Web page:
American Trucking Associations spearheaded efforts to allow carriers to use hair testing as an alternative to urinalysis for drug testing truck drivers, and a recently approved highway bill will allow for this. But the trucking industry is awaiting guidance from the federal government before replacing urinalysis with hair testing.
In March, Chris Spear, president and CEO for the American Trucking Associations, sent a letter urging Tom Price, secretary of Health and Human Services, to quickly issue guidelines. This month, the trucking association and federal agency continue to discuss “the importance of the agency setting standards for testing as Congress has mandated,” ATA spokesman Sean McNally said. The ATA expects the guidelines to be released this year.
“Once released, ATA will continue to urge the department to move quickly in finalizing the hair testing standards,” he said. “These standards are the first step toward wider use of this important safety screening tool. Hair samples, rather than traditional urinalysis has proven to screen out a higher percentage of drug users during the pre-employment screening process.”
This keeps “potential unsafe drives out from behind the wheel of our industry’s trucks. This is good for the safety of our roads.” Since 1995, the Department of Transportation has required prospective truck drivers to take a drug test, and the only sample allowed for this testing is urine. Some carriers, including J.B. Hunt Transport Services, have been using hair testing along with the required urine testing. The Lowell-based carrier can test drivers before being hired, randomly, after an accident or as part of “reasonable suspicion procedures,” said Greer Woodruff, senior vice president of safety, security and driver personnel.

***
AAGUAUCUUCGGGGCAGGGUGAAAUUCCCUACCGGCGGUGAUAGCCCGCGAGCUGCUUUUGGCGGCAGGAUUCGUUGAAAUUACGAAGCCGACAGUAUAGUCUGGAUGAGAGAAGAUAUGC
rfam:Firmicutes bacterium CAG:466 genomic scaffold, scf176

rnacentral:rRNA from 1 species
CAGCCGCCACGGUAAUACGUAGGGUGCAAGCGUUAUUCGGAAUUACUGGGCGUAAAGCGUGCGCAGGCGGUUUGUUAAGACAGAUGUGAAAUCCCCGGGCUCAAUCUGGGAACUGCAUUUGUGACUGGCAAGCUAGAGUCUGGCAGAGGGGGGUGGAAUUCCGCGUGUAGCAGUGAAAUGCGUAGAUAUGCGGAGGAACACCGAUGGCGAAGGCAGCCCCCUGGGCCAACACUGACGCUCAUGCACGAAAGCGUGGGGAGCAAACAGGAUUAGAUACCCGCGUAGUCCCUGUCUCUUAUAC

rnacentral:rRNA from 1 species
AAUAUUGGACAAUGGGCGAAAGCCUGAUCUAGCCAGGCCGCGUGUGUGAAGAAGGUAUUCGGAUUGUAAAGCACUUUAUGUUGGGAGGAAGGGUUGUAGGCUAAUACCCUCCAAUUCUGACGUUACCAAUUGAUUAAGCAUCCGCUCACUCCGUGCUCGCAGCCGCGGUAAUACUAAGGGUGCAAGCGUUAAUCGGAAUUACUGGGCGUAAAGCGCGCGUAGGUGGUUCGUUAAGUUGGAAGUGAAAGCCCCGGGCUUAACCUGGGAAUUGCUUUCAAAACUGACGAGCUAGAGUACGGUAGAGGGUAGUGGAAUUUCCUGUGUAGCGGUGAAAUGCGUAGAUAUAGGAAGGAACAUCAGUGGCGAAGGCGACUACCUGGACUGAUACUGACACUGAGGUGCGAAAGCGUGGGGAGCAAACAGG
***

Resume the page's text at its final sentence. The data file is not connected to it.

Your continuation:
When asked if a driver were on a family vacation and smoked marijuana in Colorado, where it’s legal, what ramifications would the driver face, Woodruff said the driver would be “terminated upon admission of use or upon testing positive on any of the above-mentioned tests. Marijuana is still illegal on a federal level and against our company policy.”
Woodruff cited a DOT notice on marijuana use: “We want to make it perfectly clear that the state initiatives will have no bearing on the Department of Transportation’s regulated drug testing program.” DOT regulations don’t allow the use of schedule I drugs, including marijuana.
In 2006, J.B. Hunt began hair testing along with urinalysis. And while the company “acknowledges that both tests are accurate, it has been proven that urine testing for pre-employment is easily circumvented by users of controlled substances. Hair testing removes the opportunity for specimen substitution or adulteration, because each specimen is an observed collection.” Also, “the substance detection window is longer for hair testing, up to 90 days, making it less likely for habitual users to pass the test.”
The company is one of several carriers asking the federal government to allow hair testing as an alternative to urine testing. It’s willing to pay the additional costs for hair testing but objects “to funding the redundant and less effective urine testing process along with it,” Woodruff said. Using both testing methods “can add up in time and money.”